Thursday, April 26, 2012
The emergence (so to speak) of another pop-up specializing in Vietnamese Street food is cause for rejoicing. In the past Rice Paper Scissors' Bap Xao and Soup Junkie's Bun Rieu have been memorable experiences for me. The latest entrant to this genre is the collective effort of three cousins known as 3 Bottled Fish, which I caught up with today at The Window, a pop-up venue hosted by Coffee Bar. The derivation of the name is a convoluted affair, which you can read about in SF Weekly's review of the group's maiden appearance last week, but it works for me. The menu at today's appearance appeared to be the same as last week's, and since I tend to go for the least familiar in general and am on a mission to check out anything noodle-y in particular, I went for the Bun Tam Bi. Bun tam bi, it turns out, is a cold rice noodle salad, garnished with julienned pork and pork rind, coconut milk and fresh mint among other things, served with a chili sauce to drench it with. It also came with a side of pork meatballs. Together, the $8 dish made for a substantial lunch, and overall it was a very refreshing blend of textures and tastes which I will gladly order again.
extensive roster of pop-ups to schedule from. It has, however, some sidewalk barstool-high tables for early birds and latecomers to sit at in its sunny 12th and Howard location.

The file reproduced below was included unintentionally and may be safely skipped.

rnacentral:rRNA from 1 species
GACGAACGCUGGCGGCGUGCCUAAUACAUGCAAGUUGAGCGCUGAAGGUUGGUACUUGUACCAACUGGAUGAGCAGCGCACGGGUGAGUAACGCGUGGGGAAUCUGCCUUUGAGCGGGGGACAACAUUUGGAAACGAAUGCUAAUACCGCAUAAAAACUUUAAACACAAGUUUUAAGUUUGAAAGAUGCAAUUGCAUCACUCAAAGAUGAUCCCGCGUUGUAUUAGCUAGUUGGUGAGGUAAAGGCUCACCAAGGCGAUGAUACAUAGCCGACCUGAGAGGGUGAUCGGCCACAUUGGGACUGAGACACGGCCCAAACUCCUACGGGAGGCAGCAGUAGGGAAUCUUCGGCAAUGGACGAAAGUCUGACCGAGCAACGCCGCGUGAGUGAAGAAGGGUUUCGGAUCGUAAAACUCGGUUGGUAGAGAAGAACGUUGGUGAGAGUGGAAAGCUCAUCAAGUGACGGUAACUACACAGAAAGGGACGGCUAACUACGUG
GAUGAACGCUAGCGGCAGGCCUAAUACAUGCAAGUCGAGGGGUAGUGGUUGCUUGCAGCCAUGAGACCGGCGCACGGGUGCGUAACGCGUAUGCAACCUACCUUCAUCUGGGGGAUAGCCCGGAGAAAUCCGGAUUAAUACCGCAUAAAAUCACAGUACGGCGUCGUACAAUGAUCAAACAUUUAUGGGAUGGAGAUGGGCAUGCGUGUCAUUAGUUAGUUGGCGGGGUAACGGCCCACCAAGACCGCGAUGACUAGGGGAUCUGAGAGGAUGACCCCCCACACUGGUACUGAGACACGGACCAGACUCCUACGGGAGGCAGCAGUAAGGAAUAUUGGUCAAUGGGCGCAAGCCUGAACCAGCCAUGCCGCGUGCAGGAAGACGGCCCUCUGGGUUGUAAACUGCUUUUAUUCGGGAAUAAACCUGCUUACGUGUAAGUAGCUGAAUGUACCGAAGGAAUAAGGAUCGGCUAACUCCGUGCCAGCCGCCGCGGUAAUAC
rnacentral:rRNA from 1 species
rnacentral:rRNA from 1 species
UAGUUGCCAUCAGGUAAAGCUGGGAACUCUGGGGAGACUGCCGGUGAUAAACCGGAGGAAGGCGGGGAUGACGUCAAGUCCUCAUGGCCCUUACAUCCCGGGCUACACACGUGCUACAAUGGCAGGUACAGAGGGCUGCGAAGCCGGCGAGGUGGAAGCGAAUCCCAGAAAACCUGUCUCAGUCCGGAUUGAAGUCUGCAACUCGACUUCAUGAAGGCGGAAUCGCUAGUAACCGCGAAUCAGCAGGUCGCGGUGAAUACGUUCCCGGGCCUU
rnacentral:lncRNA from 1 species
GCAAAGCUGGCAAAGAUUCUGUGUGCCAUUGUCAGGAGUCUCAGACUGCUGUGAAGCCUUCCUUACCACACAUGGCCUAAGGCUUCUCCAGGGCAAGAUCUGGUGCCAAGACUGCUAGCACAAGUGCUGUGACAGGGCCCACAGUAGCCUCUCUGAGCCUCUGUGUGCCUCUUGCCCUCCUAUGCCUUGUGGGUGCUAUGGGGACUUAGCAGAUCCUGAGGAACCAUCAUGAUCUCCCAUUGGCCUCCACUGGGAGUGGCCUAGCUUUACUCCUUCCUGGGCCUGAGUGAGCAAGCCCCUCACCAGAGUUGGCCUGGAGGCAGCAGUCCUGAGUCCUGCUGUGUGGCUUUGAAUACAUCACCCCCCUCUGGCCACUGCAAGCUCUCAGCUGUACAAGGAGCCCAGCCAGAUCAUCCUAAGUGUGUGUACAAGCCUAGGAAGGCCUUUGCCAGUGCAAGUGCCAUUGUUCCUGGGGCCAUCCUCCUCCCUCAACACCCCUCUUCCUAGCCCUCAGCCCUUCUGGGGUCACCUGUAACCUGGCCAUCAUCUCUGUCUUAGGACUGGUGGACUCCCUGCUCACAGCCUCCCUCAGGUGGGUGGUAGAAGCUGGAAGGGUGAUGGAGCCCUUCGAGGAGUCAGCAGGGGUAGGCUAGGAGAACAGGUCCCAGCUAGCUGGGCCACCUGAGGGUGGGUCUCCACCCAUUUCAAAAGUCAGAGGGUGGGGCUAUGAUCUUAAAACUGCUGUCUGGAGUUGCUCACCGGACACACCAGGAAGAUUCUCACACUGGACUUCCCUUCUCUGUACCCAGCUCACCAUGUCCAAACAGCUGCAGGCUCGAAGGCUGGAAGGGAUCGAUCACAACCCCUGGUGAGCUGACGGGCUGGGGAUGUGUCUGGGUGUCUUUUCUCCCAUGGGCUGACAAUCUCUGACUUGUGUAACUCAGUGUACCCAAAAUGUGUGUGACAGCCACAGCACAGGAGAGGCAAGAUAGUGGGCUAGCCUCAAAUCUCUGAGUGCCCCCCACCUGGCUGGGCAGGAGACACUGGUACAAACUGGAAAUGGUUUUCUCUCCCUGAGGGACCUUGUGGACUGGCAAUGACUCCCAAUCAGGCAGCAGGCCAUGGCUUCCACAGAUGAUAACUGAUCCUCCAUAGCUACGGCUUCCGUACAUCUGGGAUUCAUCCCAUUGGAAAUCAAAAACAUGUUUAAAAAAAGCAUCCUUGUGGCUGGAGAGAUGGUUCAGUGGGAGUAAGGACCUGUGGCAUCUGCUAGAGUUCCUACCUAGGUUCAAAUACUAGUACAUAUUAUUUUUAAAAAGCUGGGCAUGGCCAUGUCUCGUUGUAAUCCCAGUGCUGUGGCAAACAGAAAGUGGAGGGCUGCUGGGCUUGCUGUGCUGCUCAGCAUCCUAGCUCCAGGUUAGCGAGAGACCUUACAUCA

Where slurped: The Window, 1599 Howard at 12th Street, San Francisco
Tuesday, April 24, 2012
PPQ's pho comes in two sizes, "medium" and "large" (to call the smaller one "small" would be false advertising). Their chicken pho comes in three varieties, including five-spice and curry versions in addition to the traditional chicken broth, which I chose. My medium-sized bowl of pho ga xe phay came with tender shreds of chicken (both dark and white meat, though I would have preferred more of the former and less of the latter) and supple fresh wide rice noodles. The broth was beautifully balanced, deep in herbal flavor with a tinge of sweetness and a mere hint of peppery-ness. Other than two slices of mild japapeno and some bean sprouts I tossed in from the garnish plate, I did not see fit to add any notes to its carefully coaxed bouquet.
I can't say PPQ's pho ga is the equal of Turtle Tower's iconic version (I think I'm due for another round of that one) but as Asian penicillin it was just what the doctor ordered today.
Where slurped: Pho Phu Quoc Beef Noodle House, 1816 Irving St, San Francisco